⦁ Vitamin K deficiency
⦁ Improper or lack of oral hygiene
⦁ Dry mouth or xerostomia

The following methods and symptoms are very useful in diagnosing gingivitis:

⦁ Periodontal probe
⦁ X ray
⦁ Examination of sensitive teeth
⦁ Redness, inflamation and bleeding

Contact your dentist for an appointment so they can help you figure out what has caused your gums to become sensitive.

You’ve learned about what you can do when you forget your toothbrush, but what about if you forget your toothpaste? Of course, you can always buy a new tube, but what about if you’re camping or the stores have all closed for the day? Here are some creative and helpful tips to help you out if you’ve forgotten your toothpaste at home.

Ask The Front Desk: Like with toothbrushes, toothpaste isn’t readily available to everyone who checks in at a hotel, but if you ask the right person, they can maybe direct you to where you can find some, or give you a complimentary tube if they have some on hand.

Use Mouthwash: Mouthwash can be great on its own for killing bacteria and freshing the mouth, but it can also be used as a substitute toothpaste. Not daily, of course, but in the case of forgotten toothpaste, it’ll do the trick. Dip your toothbrush into the mouthwash and brush as normal. Be sure to rinse your mouth thoroughly afterwards.

Use Baking Soda: This method is particularly handy for getting food particles and plaque out from between the teeth. This is because baking soda is an abrasive material, making it a perfect substitute toothpaste. To do so, mix with a few drops of water until you have a gritty paste before applying to the teeth and scrubbing. It might not taste as great as your minty toothpaste back home, but it will get the job done and leave your mouth feeling clean.

Just Use a Wet Toothbrush: If all else fails, using a wet toothbrush is better than not brushing at all. The moist bristles, combined with proper brushing techniques will remove food and plaque from the teeth. Your mouth won’t feel as fresh by skipping on the toothpaste, but it’s nothing that a piece of chewing gum can’t remedy.

There’s nothing worse than arriving at your vacation destination, only to realize that you’ve forgotten an essential travel item–your toothbrush. Not to worry though, there are a few ways that you can remedy this without having to go out and buy a brand new toothbrush.

1. Ask The Front Desk: If you’re staying at a hotel, they often give out complimentary toiletries such as shampoo, body wash, and lotion. While toothbrushes aren’t commonly placed in hotel rooms, you can always head to the concierge and see if they keep some elsewhere, such as behind the desk or a supply closet.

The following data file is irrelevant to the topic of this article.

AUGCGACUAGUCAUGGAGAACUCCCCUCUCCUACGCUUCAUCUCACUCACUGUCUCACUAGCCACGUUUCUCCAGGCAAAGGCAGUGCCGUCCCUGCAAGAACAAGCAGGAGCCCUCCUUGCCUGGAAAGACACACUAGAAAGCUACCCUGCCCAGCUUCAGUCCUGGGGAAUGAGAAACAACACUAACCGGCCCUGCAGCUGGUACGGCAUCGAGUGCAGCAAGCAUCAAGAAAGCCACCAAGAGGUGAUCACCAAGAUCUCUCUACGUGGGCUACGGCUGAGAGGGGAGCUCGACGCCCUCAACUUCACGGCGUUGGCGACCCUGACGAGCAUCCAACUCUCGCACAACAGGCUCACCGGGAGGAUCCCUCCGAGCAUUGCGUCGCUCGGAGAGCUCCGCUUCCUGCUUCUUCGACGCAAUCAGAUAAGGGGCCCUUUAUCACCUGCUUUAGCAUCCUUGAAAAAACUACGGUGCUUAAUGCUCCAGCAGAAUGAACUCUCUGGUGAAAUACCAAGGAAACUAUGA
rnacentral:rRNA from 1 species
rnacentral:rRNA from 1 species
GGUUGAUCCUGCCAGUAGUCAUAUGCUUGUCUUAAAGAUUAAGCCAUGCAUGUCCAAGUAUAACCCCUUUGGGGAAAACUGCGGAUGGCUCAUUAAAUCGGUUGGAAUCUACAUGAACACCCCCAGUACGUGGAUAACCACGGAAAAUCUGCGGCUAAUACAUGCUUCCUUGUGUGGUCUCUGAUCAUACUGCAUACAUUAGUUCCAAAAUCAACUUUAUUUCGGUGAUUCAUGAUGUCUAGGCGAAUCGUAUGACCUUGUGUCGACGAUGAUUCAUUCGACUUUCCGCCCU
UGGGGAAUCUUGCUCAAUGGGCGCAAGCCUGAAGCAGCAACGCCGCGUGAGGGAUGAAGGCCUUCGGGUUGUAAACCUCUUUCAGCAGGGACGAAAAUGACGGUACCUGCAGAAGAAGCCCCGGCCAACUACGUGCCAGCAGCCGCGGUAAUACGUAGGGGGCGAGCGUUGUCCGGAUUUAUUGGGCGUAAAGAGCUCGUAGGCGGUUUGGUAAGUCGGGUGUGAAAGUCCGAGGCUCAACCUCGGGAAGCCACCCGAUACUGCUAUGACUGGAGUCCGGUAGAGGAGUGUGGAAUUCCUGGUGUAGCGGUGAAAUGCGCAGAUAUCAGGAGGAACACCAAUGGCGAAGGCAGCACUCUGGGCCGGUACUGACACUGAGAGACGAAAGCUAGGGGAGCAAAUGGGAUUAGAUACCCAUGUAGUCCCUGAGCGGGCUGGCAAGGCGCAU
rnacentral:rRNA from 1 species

2. Use a Damp Cloth: Washcloths are always readily available, with fresh ones provided daily by the housekeepers. Make the washcloth damp and add a small amount of toothpaste before rubbing it on your teeth as normal. Do all the things that you’d normally do if this were an actual toothbrush, such as getting along the gumline and behind the teeth as well. The rubbing will remove any plaque that has built up during the day.

3. Use Your Finger: Should you find yourself in a situation where there are no complimentary toothbrushes or washcloths, such as on a camping trip, your finger is a great alternative. Wash your hands beforehand before applying toothbrush to the tip of your index finger, or whatever finger you feel most comfortable with, and rub on your teeth. While not as effective as a washcloth or an actual toothbrush, the rubbing will at least be able to remove some bacteria from your mouth.

4. Use Leaves or Small Branches: For the true outdoorsy type of people, the natural resources of the world can also be used as an alternative for a toothbrush. Just make sure to couple check whether the bark or leaves that you’re planning on using do not come from a  poisonous plant or you’ll have a bigger problem on your hands than a forgotten toothbrush. Like with the other methods, apply toothpaste to the object of your choice and brush away.

Sugar is a very hard ingredient to avoid as it’s found in nearly everything from chocolate to cereal. Een naturally occurring sugar found in fruits and vegetables can cause harm to your teeth, but what kind of effects does sugar exactly have on them?

Loss of Enamel

First off is enamel. Enamel can be shaved away by bacteria, and this bacteria in particular feeds on sugar and can cause problems such as tooth decay, leading to tooth loss. In the case of tooth loss, there are implants and bridges available to restore your smile, but it’s much easier and less expensive to just limit sugar in your diet and to brush your teeth soon after having a food that contains it.

Frequent Toothaches

When sugar eats away at the teeth, nerves can become steadily exposed, making your teeth especially sensitive to hot and cold foods. Even the slightest touch may cause your jaw to begin throbbing.